I recently purchased a stunning Sarah Pacini linen sweater at a little boutique in New York. When I went to wear it the second time, I noticed two dime-sized holes on the bottom left of the sweater near the hem. I had no idea how they got there, but all the speculation in the world wasn’t going to solve the problem. Taking it back to the shop wasn’t an option, since I live 3,000 miles away. So I did what I always do when my wardrobe needs help: I called my tailor.
Christina Rose is absolutely the best at what she does. She created a seam all the way down the left side of the sweater, completely eliminating the holes. She then added a matching seam on the right side for balance. The result is that the two seams look as if they’re part of the original design, and there’s no sign of the holes. If it weren’t for her skill and creativity, that $300+ sweater would have been unwearable.
Because it’s impossible to overstress the importance of having a great tailor in your pocket to perfect an item of clothing or make a repair, I’ve opted to post the following excerpt from Real Style: Style Secrets for Real Women with Real Bodies, which I co-wrote with stylist Sam Saboura.
Behind the Seams: TAILORING
Behind every great woman is a great tailor. Learning to select the right clothing for your body type makes you sensible, but getting it to fit properly is an art form. Once you master this important style lesson and develop an eye for the ultimate fit, you’ll unlock your potential to look your absolute best in whatever you wear.
The most stylish women in the world rely on the expertise of highly skilled tailors and seamstresses to customize their wardrobes. Part of having real style is knowing, at a glance, when an item of clothing can go one step further and be that much better. Wearing the “right clothes” is always secondary to having a meticulous fit, because without it, even the most spectacular outfit fades into mediocrity.
Tailoring helps to elevate your wardrobe—both the basics and the special pieces—to the next level. Its purpose is to improve the fit of an item—not completely re-make the basic style or cut.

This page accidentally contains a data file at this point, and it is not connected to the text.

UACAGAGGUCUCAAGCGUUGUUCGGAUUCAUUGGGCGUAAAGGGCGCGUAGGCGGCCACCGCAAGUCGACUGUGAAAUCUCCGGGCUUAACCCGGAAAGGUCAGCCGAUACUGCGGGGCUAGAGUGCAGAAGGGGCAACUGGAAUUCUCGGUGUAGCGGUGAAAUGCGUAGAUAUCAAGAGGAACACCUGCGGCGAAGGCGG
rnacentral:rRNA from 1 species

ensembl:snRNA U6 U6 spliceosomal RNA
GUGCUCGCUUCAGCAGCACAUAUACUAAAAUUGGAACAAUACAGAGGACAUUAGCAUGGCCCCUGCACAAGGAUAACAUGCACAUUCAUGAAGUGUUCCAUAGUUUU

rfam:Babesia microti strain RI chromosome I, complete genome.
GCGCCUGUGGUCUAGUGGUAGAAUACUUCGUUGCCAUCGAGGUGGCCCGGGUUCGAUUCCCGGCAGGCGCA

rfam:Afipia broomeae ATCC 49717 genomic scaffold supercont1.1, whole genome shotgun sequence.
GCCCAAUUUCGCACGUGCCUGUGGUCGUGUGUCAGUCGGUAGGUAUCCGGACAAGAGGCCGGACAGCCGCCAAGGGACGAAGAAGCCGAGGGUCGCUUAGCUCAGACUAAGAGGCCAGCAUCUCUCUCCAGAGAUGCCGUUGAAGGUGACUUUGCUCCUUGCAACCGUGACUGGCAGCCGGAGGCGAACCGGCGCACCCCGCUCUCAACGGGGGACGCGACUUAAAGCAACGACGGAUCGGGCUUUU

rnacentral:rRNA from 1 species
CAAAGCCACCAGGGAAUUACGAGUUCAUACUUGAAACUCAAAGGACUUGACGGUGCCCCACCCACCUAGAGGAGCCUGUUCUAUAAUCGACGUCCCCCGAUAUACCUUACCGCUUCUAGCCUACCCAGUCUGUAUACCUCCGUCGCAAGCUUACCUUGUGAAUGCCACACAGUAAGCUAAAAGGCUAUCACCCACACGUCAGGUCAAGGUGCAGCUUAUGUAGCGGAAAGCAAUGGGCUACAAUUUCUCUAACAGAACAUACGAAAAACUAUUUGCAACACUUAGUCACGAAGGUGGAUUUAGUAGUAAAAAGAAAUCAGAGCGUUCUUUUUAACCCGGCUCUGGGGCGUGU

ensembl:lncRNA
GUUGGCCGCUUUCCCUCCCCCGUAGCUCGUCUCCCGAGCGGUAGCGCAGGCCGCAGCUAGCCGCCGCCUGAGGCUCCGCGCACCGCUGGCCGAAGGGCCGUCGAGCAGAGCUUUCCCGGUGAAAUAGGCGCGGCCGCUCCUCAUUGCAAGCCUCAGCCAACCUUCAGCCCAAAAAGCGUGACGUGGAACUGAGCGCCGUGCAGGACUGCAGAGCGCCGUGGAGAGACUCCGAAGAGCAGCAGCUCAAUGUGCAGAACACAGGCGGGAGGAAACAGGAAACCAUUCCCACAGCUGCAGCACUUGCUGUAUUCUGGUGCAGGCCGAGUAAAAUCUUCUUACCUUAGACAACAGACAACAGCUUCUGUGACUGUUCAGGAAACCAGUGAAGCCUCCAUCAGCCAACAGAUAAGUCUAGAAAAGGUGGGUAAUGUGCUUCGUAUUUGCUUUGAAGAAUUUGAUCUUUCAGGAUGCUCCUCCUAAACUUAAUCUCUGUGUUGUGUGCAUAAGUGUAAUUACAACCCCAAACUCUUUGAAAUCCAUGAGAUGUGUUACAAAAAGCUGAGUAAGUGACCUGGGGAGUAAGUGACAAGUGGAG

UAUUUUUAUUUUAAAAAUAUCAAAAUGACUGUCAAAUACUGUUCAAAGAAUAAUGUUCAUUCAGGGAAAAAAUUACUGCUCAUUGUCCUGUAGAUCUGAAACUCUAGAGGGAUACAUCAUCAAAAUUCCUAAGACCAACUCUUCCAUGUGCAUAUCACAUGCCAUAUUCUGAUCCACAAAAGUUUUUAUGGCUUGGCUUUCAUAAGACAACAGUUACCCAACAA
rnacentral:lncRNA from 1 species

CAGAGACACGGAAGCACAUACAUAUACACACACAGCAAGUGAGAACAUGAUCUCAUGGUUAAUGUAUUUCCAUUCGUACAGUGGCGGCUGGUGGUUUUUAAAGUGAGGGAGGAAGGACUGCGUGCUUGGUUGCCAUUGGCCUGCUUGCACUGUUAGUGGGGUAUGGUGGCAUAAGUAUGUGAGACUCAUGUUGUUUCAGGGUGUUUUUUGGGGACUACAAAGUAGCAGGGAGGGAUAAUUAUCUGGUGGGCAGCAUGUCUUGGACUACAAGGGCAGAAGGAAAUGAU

I’ve talked a lot about proportion and how the right fit can correct almost any issue. Now I’ll show you how to look at your clothing in a strategic way so you begin to see how the slightest change in a hem or seam can affect the big picture. By the end of this chapter, you’ll be able to walk into a tailoring shop and know exactly what needs to be done to each piece of your clothing to make it outstanding. Once you understand the “how to” of altering your clothing correctly, you can work with your tailor to turn your store-bought clothing into couture.
YOU AND YOUR TAILOR
When purchasing a new item of clothing that requires altering, ask your salesperson if tailoring is included. Most of the time, there is a fee to have the work done in-house, but some high-end specialty stores—and even chain stores that you would never suspect—offer free alterations to their clients. A penny saved is a penny you can spend on something else, so always ask.
Based on your budget, you will need to decide the caliber of expert you are looking for. If you want a quick and inexpensive fix, try the tailor at your dry cleaner. I am often surprised and impressed by the speed and quality of the work at these shops.
If you have an item that is more important to you, step up to a mid-range tailor or seamstress. Odds are you will be paying more, so you should also expect more precision and attention to detail.
Lastly, if you have a vry special piece that you’ve spent some serious cash on, head straight to an exceptional tailor. Hold on to your hat, though, because prices at these shops can be astronomical. I have often turned beet red at the cash register when faced with the total cost of some of my alterations.
Try a little experimenting with the tailors in your area. Start with alterations on just one piece, and check out the results. Over time, you’ll have your own little black book of qualified professionals in a variety of price ranges.
Whether you use the services of a lower-end or top-of-the-line tailor, always ask what the charge will be before you commission him or her to alter something for you. You’re the one who ultimately decides if it’s worth the price, so don’t hesitate to change your mind if the cost seems too high. After all, if it’s going to run you $450 to re-make a three-year-old $500 leather jacket, it makes more sense to buy a new one.
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